4 Reasons to Implement Stoicism in the Modern Workplace

The popularity of Stoicism in today’s business world is growing fast. Find out how companies can benefit by implementing principles of Stoicism in the workplace.

Bookmark(0)

No account yet? Register

4 Reasons to Implement Stoicism in the Modern Workplace

Here's what you need to know:

  • Stoicism is a philosophy developed in ancient Greece that focuses on practical action, and that’s why it’s reemerged in the past few decades
  • The entire philosophy is based on 4 distinct principles: practical wisdom, courage, justice, and temperance
  • To implement Stoicism in the workplace, reframe failures and setbacks and focus on what you can control
  • Detach what happened from how you felt about it and build resilience

Stoicism became a trending philosophy in the past couple of decades with people in the business and sports worlds. The emergence of Stoicism isn’t surprising since it’s a philosophy based on action and that’s what’s needed in the world of business and sports.

That’s why, in this article, we will discuss the importance of Stoicism in the workplace, how you can implement it, and what the tenets of it are. We’ll start with defining what Stoicism is.

What is stoicism and what are its principles?

Stoicism is a philosophy developed in ancient Greece by Zeno of Citium and later popularized by Marcus Aurelius and Epictetus. The philosophy focuses on practical action and that’s why it reemerged in the past few decades.

The entire philosophy is based on 4 distinct principles:

  • Practical wisdom. Stoicism encourages practical wisdom in all of its actions. It’s about taking in the options and discerning the good from bad, the short-term gains from the long-term benefits. It’s in the best interest of the individual and the organization to focus on the long-term benefits through practical wisdom in making good decisions.
  • Courage. Courage is about facing adversity with bravery. There will be many situations where it will be required to show courage, whether it’s a new product that needs to be developed or an old client that’s no longer beneficial for the company and has to be let go. All of it will require courage in the face of adversity.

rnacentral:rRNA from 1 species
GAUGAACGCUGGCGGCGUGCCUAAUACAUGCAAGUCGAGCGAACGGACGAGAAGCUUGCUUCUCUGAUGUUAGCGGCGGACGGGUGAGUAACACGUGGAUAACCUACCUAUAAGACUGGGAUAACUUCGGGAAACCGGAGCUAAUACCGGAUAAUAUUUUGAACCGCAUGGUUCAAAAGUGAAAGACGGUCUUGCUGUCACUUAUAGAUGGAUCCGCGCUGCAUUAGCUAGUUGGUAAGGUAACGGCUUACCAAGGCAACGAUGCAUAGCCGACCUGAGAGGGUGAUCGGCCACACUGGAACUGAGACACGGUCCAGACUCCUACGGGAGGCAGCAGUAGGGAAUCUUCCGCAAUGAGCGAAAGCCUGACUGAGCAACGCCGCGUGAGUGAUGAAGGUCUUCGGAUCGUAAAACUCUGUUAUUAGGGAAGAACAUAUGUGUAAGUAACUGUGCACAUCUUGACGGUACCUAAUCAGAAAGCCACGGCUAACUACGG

• Justice. Justice is about doing the right thing and this is deemed the highest virtue of the Stoics. With justice, you’re looking to make decisions that will amplify the good in society instead of doing harm. As a business, you have a moral and ethical responsibility to improve society and contribute to the positive well-being of it.
  • Temperance. Temperance is all about moderation; taking in the things that are happening and neither overreacting nor doing too little to change them. It’s also a reminder that you shouldn’t over-celebrate success or despair about failure and setbacks.

And if a Roman Emperor (Marcus Aurelius) and a slave (Epictetus) could implement these in their vastly different environments and lives, then all of us also have that option. So, here’s how you can implement the tenets of Stoicism in the modern workplace.

Here’s how you can implement Stoicism in the modern workplace

There are many ways you can implement Stoicism in the workplace, but the following 4 ways provide the biggest return on investment:

Reframe failure and setbacks

Stoicism is about mastering your emotional states. It’s not about not feeling anything, but learning how to master your emotions so that they don’t overtake you. It’s about feeling anger as it goes through you, but choosing to enact it as fuel for your work instead of doing something damaging.

With Stoicism, you’re learning how to look logically at the failures and setbacks of your organization. What are the things that happened and how can we make sure that they don’t happen again?

Also, Stoicism explains that setbacks, challenges, and failures are necessary for everyone. It’s through challenges that we grow stronger, both mentally and physically.

Nassim Taleb took this idea in his book Antifragile and explained the following: